Traditional Versus Self-Publishing
Traditional publishers prefer to print a thousand copies of a book written by an established author rather than 100 copies of books written by ten new authors. It makes financial sense to bet on a winning horse.
Changes in the publishing landscape have allowed new authors to shun traditional publishing altogether and dive straight into self-publishing via Amazon or other avenues.
The problem is of quality. Traditional publishing houses are meticulous about the plot, the structure, character arc, dialogue, copy-editing, and cover design, and often have a budget for advertising.
For a new author who is considering self-publishing, there are myriad resources to get professional help from content to copy editing, cover design to formatting and advertising. When working on a small budget with the likelihood of a bestseller remote at best, new authors find it difficult to get it all done professionally and still come ahead.
We’ve all heard of best-selling self-published authors making six figure profits and procuring book and movie deals. But for most authors, it’s a pipe dream.
But new authors should be hopeful. Think of your first book as a business venture. No business makes profits on day one. It takes an initial capital investment, advertising, and discounts to attract future paying customers (fan base) before a business can take off.
For fiction authors, I’m told it begins to take off only after the first few books are ready to go. So rather than wait a year between books, it’s better to write and polish up two or three, and publish them within a few months of each other. Give one out for free, or give discount packages.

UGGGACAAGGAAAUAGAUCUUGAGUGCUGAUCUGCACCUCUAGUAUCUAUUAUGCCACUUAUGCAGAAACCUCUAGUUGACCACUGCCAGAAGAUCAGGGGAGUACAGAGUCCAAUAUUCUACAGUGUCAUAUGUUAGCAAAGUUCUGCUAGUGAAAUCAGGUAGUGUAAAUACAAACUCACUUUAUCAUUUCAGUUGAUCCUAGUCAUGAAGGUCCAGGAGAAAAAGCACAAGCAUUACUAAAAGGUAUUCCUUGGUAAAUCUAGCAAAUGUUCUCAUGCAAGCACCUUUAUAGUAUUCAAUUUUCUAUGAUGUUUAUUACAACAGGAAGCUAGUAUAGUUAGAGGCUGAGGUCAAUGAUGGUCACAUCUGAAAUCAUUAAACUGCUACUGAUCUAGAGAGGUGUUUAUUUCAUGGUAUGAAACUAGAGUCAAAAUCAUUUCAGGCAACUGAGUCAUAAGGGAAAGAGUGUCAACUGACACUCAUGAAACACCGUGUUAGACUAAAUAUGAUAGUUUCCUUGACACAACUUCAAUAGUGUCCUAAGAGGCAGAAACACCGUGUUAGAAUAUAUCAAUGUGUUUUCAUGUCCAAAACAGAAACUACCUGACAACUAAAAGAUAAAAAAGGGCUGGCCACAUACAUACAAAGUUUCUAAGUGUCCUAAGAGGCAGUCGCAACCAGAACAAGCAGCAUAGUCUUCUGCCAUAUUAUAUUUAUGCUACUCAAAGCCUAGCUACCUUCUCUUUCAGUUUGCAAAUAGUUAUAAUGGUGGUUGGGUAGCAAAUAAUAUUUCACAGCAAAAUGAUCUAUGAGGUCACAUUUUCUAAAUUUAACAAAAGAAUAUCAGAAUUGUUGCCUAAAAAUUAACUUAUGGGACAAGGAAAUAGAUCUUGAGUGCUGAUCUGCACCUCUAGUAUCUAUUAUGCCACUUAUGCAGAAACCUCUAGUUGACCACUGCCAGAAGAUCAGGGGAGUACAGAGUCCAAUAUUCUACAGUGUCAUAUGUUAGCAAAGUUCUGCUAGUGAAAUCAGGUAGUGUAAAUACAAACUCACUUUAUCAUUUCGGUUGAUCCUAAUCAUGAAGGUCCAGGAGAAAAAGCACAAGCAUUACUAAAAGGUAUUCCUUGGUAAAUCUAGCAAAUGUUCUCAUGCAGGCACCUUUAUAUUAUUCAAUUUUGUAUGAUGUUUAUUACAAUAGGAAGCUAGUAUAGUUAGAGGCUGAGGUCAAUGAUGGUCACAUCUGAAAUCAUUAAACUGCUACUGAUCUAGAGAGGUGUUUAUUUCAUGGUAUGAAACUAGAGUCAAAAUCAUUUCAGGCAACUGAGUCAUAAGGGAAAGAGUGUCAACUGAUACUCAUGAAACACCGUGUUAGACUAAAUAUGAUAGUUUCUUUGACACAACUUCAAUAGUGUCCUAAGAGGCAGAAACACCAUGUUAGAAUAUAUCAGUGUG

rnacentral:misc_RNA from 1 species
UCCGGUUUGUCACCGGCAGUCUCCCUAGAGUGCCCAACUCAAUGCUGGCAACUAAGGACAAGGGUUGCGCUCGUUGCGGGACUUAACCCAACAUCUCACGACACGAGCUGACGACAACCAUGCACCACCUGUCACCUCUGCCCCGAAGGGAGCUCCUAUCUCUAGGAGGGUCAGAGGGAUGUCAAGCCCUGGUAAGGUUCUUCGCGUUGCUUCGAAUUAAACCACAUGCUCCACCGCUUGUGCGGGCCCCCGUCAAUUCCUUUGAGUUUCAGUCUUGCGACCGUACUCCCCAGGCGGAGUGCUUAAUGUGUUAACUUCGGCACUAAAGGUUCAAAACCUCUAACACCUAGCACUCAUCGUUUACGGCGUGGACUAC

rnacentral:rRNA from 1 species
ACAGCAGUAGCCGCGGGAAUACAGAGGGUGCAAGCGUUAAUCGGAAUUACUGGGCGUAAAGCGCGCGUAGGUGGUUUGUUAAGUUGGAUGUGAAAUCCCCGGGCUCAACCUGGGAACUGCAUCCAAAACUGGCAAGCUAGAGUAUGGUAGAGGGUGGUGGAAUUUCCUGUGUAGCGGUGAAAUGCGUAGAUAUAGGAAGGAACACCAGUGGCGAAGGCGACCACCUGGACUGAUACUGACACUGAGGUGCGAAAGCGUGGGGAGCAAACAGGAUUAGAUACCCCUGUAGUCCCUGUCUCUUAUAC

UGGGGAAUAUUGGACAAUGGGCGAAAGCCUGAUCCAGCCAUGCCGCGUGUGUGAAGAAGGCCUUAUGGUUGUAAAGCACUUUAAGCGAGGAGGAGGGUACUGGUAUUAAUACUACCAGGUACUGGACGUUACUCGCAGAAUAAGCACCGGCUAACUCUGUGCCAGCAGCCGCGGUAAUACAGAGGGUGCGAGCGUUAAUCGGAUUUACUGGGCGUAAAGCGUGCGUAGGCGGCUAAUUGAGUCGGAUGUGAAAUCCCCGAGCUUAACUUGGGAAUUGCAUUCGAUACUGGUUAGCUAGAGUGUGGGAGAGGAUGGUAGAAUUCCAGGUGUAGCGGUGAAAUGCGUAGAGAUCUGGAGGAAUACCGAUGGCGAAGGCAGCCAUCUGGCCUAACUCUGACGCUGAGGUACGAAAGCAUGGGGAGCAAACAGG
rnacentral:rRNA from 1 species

Once the word it out there, with 20 or more 5 star reviews, there’s a chance it is discovered.
For those of us writing for the fun of it, self-publishing is a great option. I’m considering it for my next novel Shadowed Promise.
Would you consider self-publishing?
I’m sharing a recent article by Eric Barker in Time Magazine about Writing Tips from Harvards’ Cognitive Scientist and Linguist Steven Pinker:
1. Use easy words. Don't try to outsmart your reader.
2. Assume the reader doesn’t know your world, so use descriptive words.
3. Don’t beat about the bush. Be direct.
4. Stick to the format of your genre and the rules of grammar most of the time. It will make your exceptions exceptional.
5. Read a lot in your genre.
6. Revise until you eliminate every unnecessary word, then revise some more.
To read the full article, click the link below:
Want to learn how to write fiction? Check out these helpful books.